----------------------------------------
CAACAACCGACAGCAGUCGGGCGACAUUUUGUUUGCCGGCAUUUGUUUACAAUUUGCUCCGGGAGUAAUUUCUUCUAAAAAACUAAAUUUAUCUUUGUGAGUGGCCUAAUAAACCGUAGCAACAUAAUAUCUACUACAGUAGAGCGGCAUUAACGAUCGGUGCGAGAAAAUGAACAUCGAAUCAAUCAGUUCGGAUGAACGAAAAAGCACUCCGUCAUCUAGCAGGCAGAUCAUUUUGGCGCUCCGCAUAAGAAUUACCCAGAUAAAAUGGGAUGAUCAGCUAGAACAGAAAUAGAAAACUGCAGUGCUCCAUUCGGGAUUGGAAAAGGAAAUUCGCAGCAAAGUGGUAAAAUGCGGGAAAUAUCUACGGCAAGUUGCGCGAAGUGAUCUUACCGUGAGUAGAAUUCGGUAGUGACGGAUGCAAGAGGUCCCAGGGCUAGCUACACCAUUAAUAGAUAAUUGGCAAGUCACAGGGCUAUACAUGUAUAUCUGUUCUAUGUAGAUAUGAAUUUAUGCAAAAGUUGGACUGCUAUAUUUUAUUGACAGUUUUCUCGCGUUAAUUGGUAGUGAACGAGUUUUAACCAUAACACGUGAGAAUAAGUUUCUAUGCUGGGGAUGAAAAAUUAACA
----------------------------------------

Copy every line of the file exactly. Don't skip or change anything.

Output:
CAACAACCGACAGCAGUCGGGCGACAUUUUGUUUGCCGGCAUUUGUUUACAAUUUGCUCCGGGAGUAAUUUCUUCUAAAAAACUAAAUUUAUCUUUGUGAGUGGCCUAAUAAACCGUAGCAACAUAAUAUCUACUACAGUAGAGCGGCAUUAACGAUCGGUGCGAGAAAAUGAACAUCGAAUCAAUCAGUUCGGAUGAACGAAAAAGCACUCCGUCAUCUAGCAGGCAGAUCAUUUUGGCGCUCCGCAUAAGAAUUACCCAGAUAAAAUGGGAUGAUCAGCUAGAACAGAAAUAGAAAACUGCAGUGCUCCAUUCGGGAUUGGAAAAGGAAAUUCGCAGCAAAGUGGUAAAAUGCGGGAAAUAUCUACGGCAAGUUGCGCGAAGUGAUCUUACCGUGAGUAGAAUUCGGUAGUGACGGAUGCAAGAGGUCCCAGGGCUAGCUACACCAUUAAUAGAUAAUUGGCAAGUCACAGGGCUAUACAUGUAUAUCUGUUCUAUGUAGAUAUGAAUUUAUGCAAAAGUUGGACUGCUAUAUUUUAUUGACAGUUUUCUCGCGUUAAUUGGUAGUGAACGAGUUUUAACCAUAACACGUGAGAAUAAGUUUCUAUGCUGGGGAUGAAAAAUUAACA